FOR IMMEDIATE RELEASE
August 11, 2022
National Immigration Law Center, Emily Morris, [email protected], 213-457-7458
Southern Poverty Law Center, Anna Núñez, [email protected], 334-201-9236
NILC and SPLC Win Class Certification in Lawsuit Alleging ICE and IRS Agents Violated Workers’ Civil Rights During Workplace Raid
WASHINGTON, D.C. — A federal court in Tennessee has cleared the way for a collective federal civil rights action brought on behalf of over 100 Latino workers against U.S. Immigration and Customs Enforcement (ICE) and Internal Revenue Service (IRS) agents involved in the planning and execution of a racially-motivated workplace raid at a Tennessee meat processing plant, on April 5, 2018. Earlier this week, the U.S. District Court for the Eastern District of Tennessee granted class certification in Isabel Zelaya, et al. v. Robert Hammer, et al, a lawsuit alleging ICE and IRS agents violated workers’ civil rights.
The National Immigration Law Center (NILC) and the Southern Poverty Law Center (SPLC), along with their co-counsel, sought class certification on behalf of approximately 100 Latino workers who were unlawfully targeted for arrest on the basis of their race and ethnicity on April 5, 2018, in what was the largest workplace immigration raid in nearly a decade. Agents from ICE, the IRS, U.S. Customs and Border Protection (CBP), the Tennessee Highway Patrol, and the Morristown Police Department carried out the raid. The federal lawsuit alleges claims of conspiracy to violate workers’ equal protection rights, excessive force, and false arrest.
The court, in granting the workers’ motion for class certification, ruled that Plaintiffs satisfied all class action requirements, and that the class action is likely the only way over one-hundred Latino workers impacted during the raid could bring these claims. The court found the Plaintiffs submitted evidence suggesting that each class member was allegedly harmed through the execution of a single plan orchestrated by the IRS and the U.S. Department of Homeland Security (DHS). Additionally, the court found that “in the run-up to the Raid, case agents frequently discussed arresting Hispanic workers and conflated Hispanic ethnicity with illegal status,” noting that ‘“the initial plan for the Raid indicated that ‘Hispanics’ will be processed through HSI/ERO procedures,” and that Homeland Security Investigations (HSI) ‘anticipate[d] working late into the evening processing the Hispanics the day of the warrant.’”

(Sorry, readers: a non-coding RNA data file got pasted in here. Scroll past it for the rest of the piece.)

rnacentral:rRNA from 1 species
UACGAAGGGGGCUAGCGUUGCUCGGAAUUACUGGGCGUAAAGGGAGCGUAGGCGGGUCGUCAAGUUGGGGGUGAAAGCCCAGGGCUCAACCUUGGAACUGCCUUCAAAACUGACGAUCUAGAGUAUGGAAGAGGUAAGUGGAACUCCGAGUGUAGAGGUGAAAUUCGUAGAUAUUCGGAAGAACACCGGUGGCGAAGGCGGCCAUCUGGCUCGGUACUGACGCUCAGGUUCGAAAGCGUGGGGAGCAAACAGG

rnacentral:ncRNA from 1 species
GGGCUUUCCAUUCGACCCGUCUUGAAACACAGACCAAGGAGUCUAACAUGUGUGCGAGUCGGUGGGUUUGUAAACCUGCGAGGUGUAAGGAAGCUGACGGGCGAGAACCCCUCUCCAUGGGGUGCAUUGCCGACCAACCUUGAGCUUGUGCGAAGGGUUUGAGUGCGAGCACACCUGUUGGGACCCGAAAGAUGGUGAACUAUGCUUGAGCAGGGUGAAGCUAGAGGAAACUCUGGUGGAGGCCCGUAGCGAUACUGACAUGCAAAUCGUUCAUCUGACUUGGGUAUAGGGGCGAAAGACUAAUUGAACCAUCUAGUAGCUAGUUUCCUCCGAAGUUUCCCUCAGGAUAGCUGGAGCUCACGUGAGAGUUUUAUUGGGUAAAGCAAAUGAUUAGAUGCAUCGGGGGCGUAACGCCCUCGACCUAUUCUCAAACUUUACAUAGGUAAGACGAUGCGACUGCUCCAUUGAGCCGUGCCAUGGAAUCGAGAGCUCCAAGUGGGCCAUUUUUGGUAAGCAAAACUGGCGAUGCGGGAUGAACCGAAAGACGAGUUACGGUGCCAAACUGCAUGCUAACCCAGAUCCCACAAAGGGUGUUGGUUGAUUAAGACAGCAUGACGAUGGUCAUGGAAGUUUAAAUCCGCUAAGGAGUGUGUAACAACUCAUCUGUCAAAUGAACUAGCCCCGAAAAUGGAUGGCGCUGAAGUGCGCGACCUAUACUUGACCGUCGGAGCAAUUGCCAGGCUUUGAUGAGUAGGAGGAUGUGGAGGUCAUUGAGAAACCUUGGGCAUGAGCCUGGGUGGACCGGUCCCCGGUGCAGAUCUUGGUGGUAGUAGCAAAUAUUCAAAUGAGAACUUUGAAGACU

The court also noted that the evidence to date showed that “No white workers were arrested on the day of the Raid,” but that the “individuals arrested that day and transported to the Armory were uniformly Hispanic,” and that agents “detained the Latino employees — even those who asserted they had valid work authorizations — and transported them to the Morristown Armory on vans.”
The ruling means that over 100 Latino class members may now proceed collectively to prosecute this civil rights case against ICE and IRS agents as the case enters the summary judgment phase this fall.
The following statements are provided by:
Michelle Lapointe, senior staff attorney, National Immigration Law Center
“This raid was conducted in an unnecessarily violent, humiliating and demeaning manner toward Latino workers. Plaintiffs seek justice on behalf of all Latino workers detained during the raid. We are pleased the court will allow the case to proceed as a class action, and look forward to proving our claims in court.”
Meredith Stewart, senior supervising attorney for the Immigrant Justice Project at the Southern Poverty Law Center
“As class counsel, we look forward to defending the constitutional rights of each class member whom the federal agents unlawfully targeted for enforcement during the Raid. The Constitution protects all people from law enforcement overreach, and the class members look forward to vindicating those rights in Court. This week’s ruling is a significant step in our fight for justice for our clients and their families.”
Zelaya et al. v. Miles et al. was filed on Feb. 21, 2019. Plaintiffs are represented by the National Immigration Law Center (NILC), the Southern Poverty Law Center (SPLC), pro bono attorneys Eben P. Colby, Jeremy A. Berman, Arthur R. Bookout and the law firms of Sherrard, Roe, Voigt & Harbison and Sperling & Slater. On April 5, 2018, U.S. Immigration and Customs Enforcement (ICE) and the Internal Revenue Service (IRS), with assistance from U.S. Customs and Border Protection, the Tennessee Highway Patrol and the Morristown Police Department, executed the largest workplace immigration raid in nearly a decade, detaining approximately 100 Latino workers at an east Tennessee meat processing plant, violating their civil rights.